Ok, so now Peter has just come home ... with hot bananas, hot tomatoes, hot apricots, hot potatoes, hot onions ... all of them raw! These things are so cheap, it’s just the hassle of getting them home.

Thursday, June 23, 2005

Hot Summer Evenings

It’s done. I've had my last lesson with this crowd ... now we wait for summer camp.

The people came from the college in S.A., where my kiddies are preparing to go. The deal is that in order to get a student visa to enter Australia they have to pass an English test. Normally they have to get a score of '5' in an IELTS test (International English Language Testing System) - quite a difficult achievement, Peter teaches 'IELTS' classes and is familiar with what it takes. But for some reason the Oz government allows this college to set its own little test, and they can get a visa if they get 75% in that. My class last semester apparently all passed, despite many of them not having enough English to hold a conversation with me. So obviously there is more to it than that! So the other day when they had the test with this class I fully expected to find out what goes on and work out how it all happens. But something has obviously changed between last year's crowd and this year's. Of the 18 in the class, only 6 passed. And we had tears and stuff to deal with. I am not surprised about the ones that failed - I would have failed them too. Just curious about what can have happened last time!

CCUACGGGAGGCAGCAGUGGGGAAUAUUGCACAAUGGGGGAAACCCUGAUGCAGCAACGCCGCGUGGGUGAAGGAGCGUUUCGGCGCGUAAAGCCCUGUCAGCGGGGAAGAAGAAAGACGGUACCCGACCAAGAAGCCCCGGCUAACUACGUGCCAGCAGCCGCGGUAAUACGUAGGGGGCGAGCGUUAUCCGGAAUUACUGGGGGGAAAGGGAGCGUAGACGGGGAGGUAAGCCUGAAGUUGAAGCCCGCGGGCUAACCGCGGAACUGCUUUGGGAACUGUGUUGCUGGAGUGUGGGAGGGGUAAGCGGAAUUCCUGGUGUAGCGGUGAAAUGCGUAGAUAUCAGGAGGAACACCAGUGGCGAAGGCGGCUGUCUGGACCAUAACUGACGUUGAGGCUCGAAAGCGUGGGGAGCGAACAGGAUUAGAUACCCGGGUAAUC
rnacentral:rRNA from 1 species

So, college is about to shut down for another year. The kids are still writing internal exams today though, and tomorrow I have to mark them. I can't fathom that - those that have passed get to go regardless, and those that have failed should be off home with their tails between their legs re-thinking what they will do with their lives because they don't get a second bite at this particular bikkie. So why are they sitting there writing these exams? Just to give me something to mark?